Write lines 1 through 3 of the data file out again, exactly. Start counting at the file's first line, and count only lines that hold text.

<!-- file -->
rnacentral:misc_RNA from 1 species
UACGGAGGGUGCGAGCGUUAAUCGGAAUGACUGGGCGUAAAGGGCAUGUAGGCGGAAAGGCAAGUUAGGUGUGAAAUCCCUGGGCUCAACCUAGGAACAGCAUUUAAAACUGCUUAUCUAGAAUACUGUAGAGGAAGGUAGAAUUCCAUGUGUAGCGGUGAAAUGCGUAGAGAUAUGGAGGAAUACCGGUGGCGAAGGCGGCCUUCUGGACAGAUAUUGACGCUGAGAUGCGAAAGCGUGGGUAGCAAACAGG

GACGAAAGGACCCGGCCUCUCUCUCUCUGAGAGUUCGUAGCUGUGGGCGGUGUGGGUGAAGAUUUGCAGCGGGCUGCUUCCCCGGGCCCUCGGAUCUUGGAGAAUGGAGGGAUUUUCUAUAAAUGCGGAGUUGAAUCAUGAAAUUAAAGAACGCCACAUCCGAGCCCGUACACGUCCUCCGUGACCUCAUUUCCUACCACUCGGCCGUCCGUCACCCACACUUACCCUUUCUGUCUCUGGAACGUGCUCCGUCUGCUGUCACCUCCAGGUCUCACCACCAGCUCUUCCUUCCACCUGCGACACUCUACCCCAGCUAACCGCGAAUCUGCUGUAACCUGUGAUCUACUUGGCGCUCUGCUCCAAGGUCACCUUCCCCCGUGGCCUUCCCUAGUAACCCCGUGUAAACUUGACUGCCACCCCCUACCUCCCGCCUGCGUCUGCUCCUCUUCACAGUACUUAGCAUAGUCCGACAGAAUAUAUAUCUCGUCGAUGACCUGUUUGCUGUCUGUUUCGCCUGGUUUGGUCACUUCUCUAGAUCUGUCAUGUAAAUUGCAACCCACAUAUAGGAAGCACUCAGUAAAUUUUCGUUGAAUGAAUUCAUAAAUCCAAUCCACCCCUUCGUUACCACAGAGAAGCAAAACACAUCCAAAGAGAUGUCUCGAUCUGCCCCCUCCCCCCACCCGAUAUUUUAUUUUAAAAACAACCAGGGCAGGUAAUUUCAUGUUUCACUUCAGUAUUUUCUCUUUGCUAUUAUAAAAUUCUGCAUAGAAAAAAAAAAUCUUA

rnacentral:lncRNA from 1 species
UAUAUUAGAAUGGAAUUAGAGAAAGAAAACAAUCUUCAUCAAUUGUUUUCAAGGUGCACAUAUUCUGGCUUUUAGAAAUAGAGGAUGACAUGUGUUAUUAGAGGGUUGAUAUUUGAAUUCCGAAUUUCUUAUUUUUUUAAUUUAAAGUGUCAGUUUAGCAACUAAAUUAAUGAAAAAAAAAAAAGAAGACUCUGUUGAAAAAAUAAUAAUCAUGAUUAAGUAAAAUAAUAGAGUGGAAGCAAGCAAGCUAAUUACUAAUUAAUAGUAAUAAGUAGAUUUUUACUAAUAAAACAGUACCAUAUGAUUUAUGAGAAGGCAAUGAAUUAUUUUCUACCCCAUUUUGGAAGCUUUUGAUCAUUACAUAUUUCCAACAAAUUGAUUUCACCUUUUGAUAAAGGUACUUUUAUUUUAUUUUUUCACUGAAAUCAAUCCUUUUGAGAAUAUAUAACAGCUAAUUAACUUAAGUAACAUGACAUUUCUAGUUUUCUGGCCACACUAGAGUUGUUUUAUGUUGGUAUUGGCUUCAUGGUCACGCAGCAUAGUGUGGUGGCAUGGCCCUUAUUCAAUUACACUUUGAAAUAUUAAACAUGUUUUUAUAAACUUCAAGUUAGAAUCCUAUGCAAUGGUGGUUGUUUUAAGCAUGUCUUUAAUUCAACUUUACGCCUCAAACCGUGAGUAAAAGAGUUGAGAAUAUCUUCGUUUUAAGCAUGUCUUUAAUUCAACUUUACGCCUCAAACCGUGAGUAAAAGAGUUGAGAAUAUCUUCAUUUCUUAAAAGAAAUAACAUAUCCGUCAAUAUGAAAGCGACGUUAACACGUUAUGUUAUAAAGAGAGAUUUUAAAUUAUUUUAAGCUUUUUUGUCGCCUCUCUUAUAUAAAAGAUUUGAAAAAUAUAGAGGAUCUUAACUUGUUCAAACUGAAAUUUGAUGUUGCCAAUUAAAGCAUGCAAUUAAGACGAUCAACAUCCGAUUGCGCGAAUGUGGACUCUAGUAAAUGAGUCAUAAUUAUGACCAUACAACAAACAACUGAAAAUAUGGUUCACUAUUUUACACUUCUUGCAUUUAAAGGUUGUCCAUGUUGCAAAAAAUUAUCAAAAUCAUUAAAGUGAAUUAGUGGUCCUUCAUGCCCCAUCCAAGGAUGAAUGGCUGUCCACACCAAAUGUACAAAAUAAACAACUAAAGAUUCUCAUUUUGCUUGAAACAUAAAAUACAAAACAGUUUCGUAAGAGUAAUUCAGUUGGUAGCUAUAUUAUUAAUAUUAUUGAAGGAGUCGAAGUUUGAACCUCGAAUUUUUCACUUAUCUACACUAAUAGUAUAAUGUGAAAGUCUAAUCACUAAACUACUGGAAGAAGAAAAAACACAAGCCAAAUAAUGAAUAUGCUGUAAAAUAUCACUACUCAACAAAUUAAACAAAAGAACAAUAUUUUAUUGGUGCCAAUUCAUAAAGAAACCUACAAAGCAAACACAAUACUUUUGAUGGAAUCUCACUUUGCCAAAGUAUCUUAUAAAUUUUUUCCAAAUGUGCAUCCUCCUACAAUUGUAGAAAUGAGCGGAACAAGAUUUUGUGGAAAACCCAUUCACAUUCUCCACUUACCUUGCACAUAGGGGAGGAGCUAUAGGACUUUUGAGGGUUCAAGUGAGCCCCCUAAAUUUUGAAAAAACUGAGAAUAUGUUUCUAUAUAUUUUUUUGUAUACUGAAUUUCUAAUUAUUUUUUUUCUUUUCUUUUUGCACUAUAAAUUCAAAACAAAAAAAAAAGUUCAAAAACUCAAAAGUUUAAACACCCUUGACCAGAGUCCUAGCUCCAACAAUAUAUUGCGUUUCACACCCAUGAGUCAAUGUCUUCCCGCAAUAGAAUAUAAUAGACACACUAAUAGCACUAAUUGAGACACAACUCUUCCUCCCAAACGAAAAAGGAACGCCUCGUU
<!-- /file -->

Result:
rnacentral:misc_RNA from 1 species
UACGGAGGGUGCGAGCGUUAAUCGGAAUGACUGGGCGUAAAGGGCAUGUAGGCGGAAAGGCAAGUUAGGUGUGAAAUCCCUGGGCUCAACCUAGGAACAGCAUUUAAAACUGCUUAUCUAGAAUACUGUAGAGGAAGGUAGAAUUCCAUGUGUAGCGGUGAAAUGCGUAGAGAUAUGGAGGAAUACCGGUGGCGAAGGCGGCCUUCUGGACAGAUAUUGACGCUGAGAUGCGAAAGCGUGGGUAGCAAACAGG

GACGAAAGGACCCGGCCUCUCUCUCUCUGAGAGUUCGUAGCUGUGGGCGGUGUGGGUGAAGAUUUGCAGCGGGCUGCUUCCCCGGGCCCUCGGAUCUUGGAGAAUGGAGGGAUUUUCUAUAAAUGCGGAGUUGAAUCAUGAAAUUAAAGAACGCCACAUCCGAGCCCGUACACGUCCUCCGUGACCUCAUUUCCUACCACUCGGCCGUCCGUCACCCACACUUACCCUUUCUGUCUCUGGAACGUGCUCCGUCUGCUGUCACCUCCAGGUCUCACCACCAGCUCUUCCUUCCACCUGCGACACUCUACCCCAGCUAACCGCGAAUCUGCUGUAACCUGUGAUCUACUUGGCGCUCUGCUCCAAGGUCACCUUCCCCCGUGGCCUUCCCUAGUAACCCCGUGUAAACUUGACUGCCACCCCCUACCUCCCGCCUGCGUCUGCUCCUCUUCACAGUACUUAGCAUAGUCCGACAGAAUAUAUAUCUCGUCGAUGACCUGUUUGCUGUCUGUUUCGCCUGGUUUGGUCACUUCUCUAGAUCUGUCAUGUAAAUUGCAACCCACAUAUAGGAAGCACUCAGUAAAUUUUCGUUGAAUGAAUUCAUAAAUCCAAUCCACCCCUUCGUUACCACAGAGAAGCAAAACACAUCCAAAGAGAUGUCUCGAUCUGCCCCCUCCCCCCACCCGAUAUUUUAUUUUAAAAACAACCAGGGCAGGUAAUUUCAUGUUUCACUUCAGUAUUUUCUCUUUGCUAUUAUAAAAUUCUGCAUAGAAAAAAAAAAUCUUA